In 1969, through an act of the 1965 Texas State Legislature, the City of Midland and Midland County established the Midland Mental Health and Mental Retardation Centers. Then, in accordance with this legislation, the City of Midland and Midland County appointed a nine member Board of Trustees from the Community. The Trustees applied for recognition as the local authority for mental health and mental retardation services to the Texas Department of Mental Health and Mental Retardation, and were subsequently designated as such.
Midland MHMR served the residents of Midland County until 1972. It was at this time the City of Odessa and Ector County expressed their desire to have a local community MHMR center under the guidance of Texas MHMR. The City of Odessa and Ector County joined Midland MHMR operations and the organization was renamed Permian Basin Community Centers. The Centers operated from 1972 until 1979, serving the residents in Midland and Ector Counties.
In 1979, Pecos County and the City of Fort Stockton, too, expressed a desire to serve their community with similar services. Soon after, they were included in the Permian Basin Community Centers' structure.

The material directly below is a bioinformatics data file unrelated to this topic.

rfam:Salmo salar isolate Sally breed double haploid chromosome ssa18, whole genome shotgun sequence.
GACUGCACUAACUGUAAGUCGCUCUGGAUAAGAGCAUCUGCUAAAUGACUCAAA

In 1998, Permian Basin Community Centers further expanded its family by adding the counties of Brewster, Culberson, Hudspeth, Jeff Davis, and Presidio that formerly comprised the Big Bend State-Operated Center.
Permian Basin Community Centers continue to be recognized as the authority in Midland, Ector, and Pecos Counties providing mental health, mental retardation, and chemical dependency services in those catchment areas. The wide array of comprehensive services are designed to promote dignity, self worth, and self reliance to those individuals served. These services include residential and vocational programs, case management, psychiatric evaluations and treatment, family supports, and infant stimulation.
In 1969, Midland Mental Health and Mental Retardation began with a handful of employees. In 1999, its 30th Anniversary year, Permian Basin Community Centers served one of the largest geographic regions of Texas, spanning eight counties and employing over 400 dedicated and caring people.